“Things are well, Mr. Korias. My eldest son is getting ready to take over the business while my youngest son studies law at Santa Clara and my daughter, the biologist, is about to have twin girls.”
“My heartiest congratulations. I’ve heard from your family back in Greece. Your cousins are some of the finest tailors in the Mediterranean region, but to be honest, they don’t quite have your skill.”
“You flatter me, sir,” he said, but I could see the pride he took in his craft. “I am prepared as soon as you’re ready.”
I pointed to the boxes that had been delivered, and we went to work. While I knew most of the people would be going in modern tuxedos or ball gowns, I had decided there was a better way to make an impression at the grand opening tonight. There was tugging and pulling, and Demetrios fell too with his needles and thread. By dusk, the Tsolias outfit, complete with the 400-pleated fustanella, embroidered waistcoat, cotton shirt with the long loose sleeves, cloth belt, knee bands, and tsarouchia, complete with matching pom-poms, was ready to be seen outside of this room. As soon as the appropriate head wrap was in place and I had passed one last review by Demetrios’s critical eye, I knew I was ready to face my cousins, nieces, and nephews. Whether I was prepared to face my daughter was a completely different issue.
“You know, Alexandros, on many people, this outfit would look ridiculous, but you… Sir, you can carry this look off.”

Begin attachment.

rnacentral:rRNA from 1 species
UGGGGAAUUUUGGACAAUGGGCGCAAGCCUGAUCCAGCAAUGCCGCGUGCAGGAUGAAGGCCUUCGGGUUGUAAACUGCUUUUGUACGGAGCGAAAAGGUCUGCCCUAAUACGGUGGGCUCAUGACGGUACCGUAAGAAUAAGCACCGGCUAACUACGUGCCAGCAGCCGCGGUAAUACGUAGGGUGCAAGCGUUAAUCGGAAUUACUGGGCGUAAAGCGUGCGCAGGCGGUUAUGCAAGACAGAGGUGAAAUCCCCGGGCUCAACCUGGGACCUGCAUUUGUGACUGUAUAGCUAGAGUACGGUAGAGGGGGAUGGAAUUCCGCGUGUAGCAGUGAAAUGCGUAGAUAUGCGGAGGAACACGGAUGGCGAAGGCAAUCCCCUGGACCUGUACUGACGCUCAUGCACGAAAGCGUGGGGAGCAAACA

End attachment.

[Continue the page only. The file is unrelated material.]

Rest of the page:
“And, you, Demetrios, the master tailor, are the reason I would even consider this. I remember my grandfather had an outfit like this that he wore for special occasions and thought it appropriate to wear for the Nymphaeum’s Grand Opening tonight.”
“You received an invitation? That’s quite a coup, sir. I heard many of the local celebrities were vying for the few not already spoken for.”
“Let’s say I called in a few favors.”
After we arranged for his payment and a healthy tip, I slipped out of the hotel, wrapping myself in the traces of fog coming off of the bay. The waters in Monterey Bay are so different from the Aegean, but both teem with life. I can feel myself becoming invigorated simply from the mist in the air.
On my way to the Nymphaeum, I spotted the Monterey Bay Aquarium at the end of Cannery Row and decided I had time for a quick visit. Of course, the aquarium was closed for the day, but as long as it abutted the sea, there was always a way to visit. I walked down to the edge of the bay and morphed myself into my natural form before swimming around to the side of the aquarium most people never pay attention to.
Once I found the location I was searching for, I raised myself on a pillar of water and rested on the concrete wall. In front of me was a dark, deep pool, and I splashed on the water a few times to attract the inhabitants. As I expected, four sea otters came to the surface to investigate.
The oldest rose out of the water to greet me. “Lord Nereus, what brings you here?”
“Serendipity. Are they treating you well here?”
“Indeed, Lord Nereus. We’ve almost got the humans trained perfectly. Some days they’re a little skimpy with the crabmeat, but all in all, they’re almost perfect servants.”